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posted by janrinok on Thursday February 27 2020, @09:19PM   Printer-friendly
from the cheaper-pie dept.

A birthday gift: 2GB Raspberry Pi 4 now only $35

In two days' time, it will be our eighth birthday (or our second, depending on your point of view). Many of you set your alarms and got up early on the morning of 29 February 2012, to order your Raspberry Pi from our newly minted licensee partners, RS Components and Premier Farnell. In the years since, we've sold over 30 million Raspberry Pi computers; we've seen our products used in an incredible range of applications all over the world (and occasionally off it); and we've found our own place in a community of makers, hobbyists, engineers and educators who are changing the world, one project, or one student, at a time.

[...] Which brings us to today's announcement. The fall in RAM prices over the last year has allowed us to cut the price of the 2GB variant of Raspberry Pi 4 to $35. Effective immediately, you will be able to buy a no-compromises desktop PC for the same price as Raspberry Pi 1 in 2012. [...] And of course, thanks to inflation, $35 in 2012 is equivalent to nearly $40 today. So effectively you're getting all these improvements, and a $5 price cut.

[...] In line with our commitment to long-term support, the 1GB product will remain available to industrial and commercial customers, at a list price of $35. As there is no price advantage over the 2GB product, we expect most users to opt for the larger-memory variant. [...] The 4GB variant of Raspberry Pi 4 will remain on sale, priced at $55.

In addition to falling RAM prices (which will hopefully continue to fall in the future), there is likely an oversupply of the 2 GB model as the 4 GB model proved to be the most popular.

Also at TechCrunch, Tom's Hardware, PCWorld, and Hackaday.

The USB Type-C resistor issue has been fixed by the latest revision of the Raspberry Pi 4 Model B hardware, which is confirmed to be out in the wild. The issue prevented some USB-C power supplies from working with Pi4B:

The Pi Foundation noticed the issue soon after the release of the Raspberry Pi 4, with founder Eben Upton informing The Register in July that the resistor fix would be bundled into a new hardware revision. Following up on the matter earlier this month, The Register was then told by Upton that he expected the revision "to have reached end users by now". The updated SBC also includes the following changes:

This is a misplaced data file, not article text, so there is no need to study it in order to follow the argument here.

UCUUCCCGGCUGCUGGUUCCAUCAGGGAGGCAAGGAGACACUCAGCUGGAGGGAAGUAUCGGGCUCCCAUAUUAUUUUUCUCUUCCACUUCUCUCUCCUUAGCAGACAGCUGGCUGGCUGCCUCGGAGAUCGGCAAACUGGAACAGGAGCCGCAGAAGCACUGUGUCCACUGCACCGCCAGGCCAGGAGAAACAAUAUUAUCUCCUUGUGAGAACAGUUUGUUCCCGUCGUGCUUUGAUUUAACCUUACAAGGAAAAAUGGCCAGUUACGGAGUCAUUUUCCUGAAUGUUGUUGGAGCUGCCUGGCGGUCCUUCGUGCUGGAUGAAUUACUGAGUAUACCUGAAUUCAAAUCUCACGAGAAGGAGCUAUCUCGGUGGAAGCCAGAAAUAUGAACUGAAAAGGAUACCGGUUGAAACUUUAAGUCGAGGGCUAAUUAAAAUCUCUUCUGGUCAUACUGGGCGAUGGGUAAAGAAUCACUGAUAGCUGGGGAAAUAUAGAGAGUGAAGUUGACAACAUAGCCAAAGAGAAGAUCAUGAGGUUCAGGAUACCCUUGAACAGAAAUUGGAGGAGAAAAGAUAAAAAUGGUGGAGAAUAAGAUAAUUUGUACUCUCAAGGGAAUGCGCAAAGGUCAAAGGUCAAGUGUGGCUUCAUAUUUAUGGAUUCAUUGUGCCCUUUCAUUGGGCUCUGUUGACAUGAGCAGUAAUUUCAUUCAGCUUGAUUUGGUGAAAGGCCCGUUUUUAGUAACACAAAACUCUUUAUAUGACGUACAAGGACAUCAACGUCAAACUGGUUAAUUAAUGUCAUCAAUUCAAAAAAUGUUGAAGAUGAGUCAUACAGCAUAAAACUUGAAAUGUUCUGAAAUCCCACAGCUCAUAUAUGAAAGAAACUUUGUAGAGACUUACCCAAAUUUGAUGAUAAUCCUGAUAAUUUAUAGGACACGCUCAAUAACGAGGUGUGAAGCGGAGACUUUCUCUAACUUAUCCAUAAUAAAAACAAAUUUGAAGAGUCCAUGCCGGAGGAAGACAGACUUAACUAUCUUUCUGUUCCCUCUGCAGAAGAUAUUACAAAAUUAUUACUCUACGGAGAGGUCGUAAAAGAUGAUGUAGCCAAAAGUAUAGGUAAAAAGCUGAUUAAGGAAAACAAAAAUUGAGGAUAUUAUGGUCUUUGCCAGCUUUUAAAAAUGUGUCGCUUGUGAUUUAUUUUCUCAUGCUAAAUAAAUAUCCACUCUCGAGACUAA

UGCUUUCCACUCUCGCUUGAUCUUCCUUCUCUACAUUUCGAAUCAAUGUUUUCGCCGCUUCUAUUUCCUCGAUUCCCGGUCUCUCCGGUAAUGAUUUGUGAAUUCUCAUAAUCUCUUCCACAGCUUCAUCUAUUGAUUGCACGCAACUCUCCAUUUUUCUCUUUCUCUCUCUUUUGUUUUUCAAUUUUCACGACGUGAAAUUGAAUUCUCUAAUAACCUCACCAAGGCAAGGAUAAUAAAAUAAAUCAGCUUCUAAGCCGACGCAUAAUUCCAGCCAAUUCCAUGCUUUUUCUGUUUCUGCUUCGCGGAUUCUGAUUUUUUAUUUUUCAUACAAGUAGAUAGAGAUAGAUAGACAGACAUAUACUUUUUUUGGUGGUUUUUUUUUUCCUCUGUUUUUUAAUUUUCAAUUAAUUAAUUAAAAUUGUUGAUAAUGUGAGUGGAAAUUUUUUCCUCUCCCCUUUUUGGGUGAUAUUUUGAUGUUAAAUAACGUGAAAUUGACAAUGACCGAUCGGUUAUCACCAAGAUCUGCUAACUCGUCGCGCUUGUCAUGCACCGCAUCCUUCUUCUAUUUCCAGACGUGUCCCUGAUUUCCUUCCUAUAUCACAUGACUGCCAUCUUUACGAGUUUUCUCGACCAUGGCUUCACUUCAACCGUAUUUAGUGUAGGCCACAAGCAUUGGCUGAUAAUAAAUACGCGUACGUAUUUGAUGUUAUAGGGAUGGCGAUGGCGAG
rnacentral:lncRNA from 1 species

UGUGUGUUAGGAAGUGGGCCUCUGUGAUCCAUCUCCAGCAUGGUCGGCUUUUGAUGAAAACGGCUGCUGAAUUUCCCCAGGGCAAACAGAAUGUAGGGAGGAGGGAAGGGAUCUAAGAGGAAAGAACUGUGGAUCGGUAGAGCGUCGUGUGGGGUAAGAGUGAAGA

• WLCSP SD card voltage switch has been to the top side of the board to minimise the risk of damage.
  • Silkscreen tweaks to reduce solder bridging in manufacture.

The new revision remains the same price as the original Raspberry Pi 4. The Pi Foundation is not selling the new revision as a distinct SKU, either. Hence, you may struggle to tell the difference between the two revisions unless you know what you are looking for.

To confirm that you have a new one, run "cat /proc/cpuinfo" and look for revision "c03112".

Multiple revisions of the firmware have lowered power draw, which is now much closer to RPi3B+. As a result, temperatures should be several degrees cooler.

Also at Tom's Hardware and Hackaday.

Previously: Raspberry Pi 4 Model B Launched
Too Hot to Handle? Raspberry Pi 4 Fans Left Wondering If Kit Should Come With a Heatsink
Raspberry Pi 4B CPU Overclocked to 2.147 GHz, GPU at 750 MHz
Interview with Eben Upton on Studies, the Raspberry Pi and IoT
Raspberry Pi Foundation Begins Working on Vulkan Driver

Original Submission #1   Original Submission #2

Related Stories

Raspberry Pi 4 Model B Launched 46 comments

The Raspberry Pi 4 Model B has been launched, despite months of tricky misdirection implying that it wouldn't be on the market until 2020. The technical specifications include two micro HDMI ports, two USB3 ports, two USB2 ports, dual band Wi-fi, Bluetooth 5, Gigabit Ethernet, and either 1GB, 2GB, or 4GB of RAM. Power consumption is noticeably higher than similar earlier models and the power can be supplied over USBC.

From the spec sheet:

  • Broadcom BCM2711, Quad core Cortex-A72 (ARM v8) 64-bit SoC @ 1.5GHz
  • 1GB ($35), 2GB ($45), or 4GB LPDDR4-2400 SDRAM ($55)
  • 2.4 GHz and 5.0 GHz IEEE 802.11ac wireless, Bluetooth 5.0, BLE
  • Gigabit Ethernet
  • 2 USB 3.0 ports; 2 USB 2.0 ports.
  • Raspberry Pi standard 40 pin GPIO header (fully backwards compatible with previous boards)
  • 2 × micro-HDMI ports (up to 4kp60 supported)
  • 2-lane MIPI DSI display port
  • 2-lane MIPI CSI camera port
  • 4-pole stereo audio and composite video port
  • H.265 (4kp60 decode), H264 (1080p60 decode, 1080p30 encode)
  • OpenGL ES 3.0 graphics
  • Micro-SD card slot for loading operating system and data storage
  • 5V DC via USB-C connector (minimum 3A*)
  • 5V DC via GPIO header (minimum 3A*)
  • Power over Ethernet (PoE) enabled (requires separate PoE HAT)
  • Operating temperature: 0 – 50 degrees C ambient

takyon: Review at Tom's Hardware. Cons: "Key software doesn't work at launch, Poor high-res video playback". Cases for the previous Pi don't work due to the new micro-HDMI ports. Tom's measured nearly ten times better storage performance using one of the new USB 3.0 ports, and the gigabit Ethernet port can actually reach nearly 1 Gbps (943 Mbps vs. 237 Mbps for the previous model).